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I want to set the initial data of a texture in an OpenGL 4.5 program (using OpenTK.Next and .NET), utilizing the new Direct State Access methods.

However, I cannot find a DSA version of glTexImage2D. There are methods like glTextureSubImage2D which accept a texture object ID, but using those to set the intial data fails with InvalidOperation.

I'm pretty sure there should be such a method... comparing textures to array buffers, array buffers do have a DSA version to set their initial data, glNamedBufferData.

According to the documentation, the DSA methods are all named ...Texture... unlike the "old" methods which are named ...Tex..., but searching through them didn't reveal me something like glTextureImage2D.

Anyone knows if there even is a DSA method to set the initial texture data?

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GL_ARB_direct_state_access.

There is none.

Issue 5 in the DSA specification reads (in part):

This extension omits TextureImageND (mutable texture definitions)...

Specifically, glTexImage/glTextureImage is the older "mutable textures" API which DSA omits, requiring you to use the immutable textures API instead. Therefore the non-DSA API is glTexStorage, whereas the DSA API is glTextureStorage.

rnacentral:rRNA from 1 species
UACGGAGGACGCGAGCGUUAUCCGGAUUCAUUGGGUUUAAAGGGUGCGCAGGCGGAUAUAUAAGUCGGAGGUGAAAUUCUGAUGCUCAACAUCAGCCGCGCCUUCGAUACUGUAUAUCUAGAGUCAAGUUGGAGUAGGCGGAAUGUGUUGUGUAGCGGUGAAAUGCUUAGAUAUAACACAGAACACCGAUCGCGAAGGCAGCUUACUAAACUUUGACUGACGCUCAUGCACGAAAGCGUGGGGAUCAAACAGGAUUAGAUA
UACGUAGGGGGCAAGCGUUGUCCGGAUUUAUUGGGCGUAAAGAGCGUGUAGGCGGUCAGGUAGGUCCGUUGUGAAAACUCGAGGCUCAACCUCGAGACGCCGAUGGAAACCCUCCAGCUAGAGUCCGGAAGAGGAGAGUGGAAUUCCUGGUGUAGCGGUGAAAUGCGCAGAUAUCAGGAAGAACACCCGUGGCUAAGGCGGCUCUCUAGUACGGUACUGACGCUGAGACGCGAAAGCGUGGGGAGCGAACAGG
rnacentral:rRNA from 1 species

Note that glTexStorage/glTextureStorage creates the texture object and it's backing storage but does not set the data; you must make a further call to glTexSubImage/glTextureSubImage in order to do that.

There are several advantages to using glTexStorage/glTextureStorage, and I refer you to the GL_ARB_texture_storage specification for a fuller discussion; for the purposes of this answer it's sufficient to quote the first paragraph of the overview:

The texture image specification commands in OpenGL allow each level to be separately specified with different sizes, formats, types and so on, and only imposes consistency checks at draw time. This adds overhead for implementations.

And issue 24 of the DSA specification confirms the reason why mutable textures were omitted:

24) Do we need DSA functions for mutable textures?

RESOLVED: No. Immutable texture is a more robust approach to handle textures

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    \$\begingroup\$ I didn't know about the history behind mutable textures. This makes things a lot more logical to me. Thanks for the details on the background about this! \$\endgroup\$ – Ray Dec 10 '16 at 13:24
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    \$\begingroup\$ @RayKoopa - A pleasure. I believe it's always useful and interesting to know the reasons why certain API decisions were made; it can help you get a better understanding of how things work (in this case the fact that mutable textures were such a poor API demonstrates that hardware really prefers many things to be fully specified up-front). \$\endgroup\$ – Maximus Minimus Dec 10 '16 at 13:40

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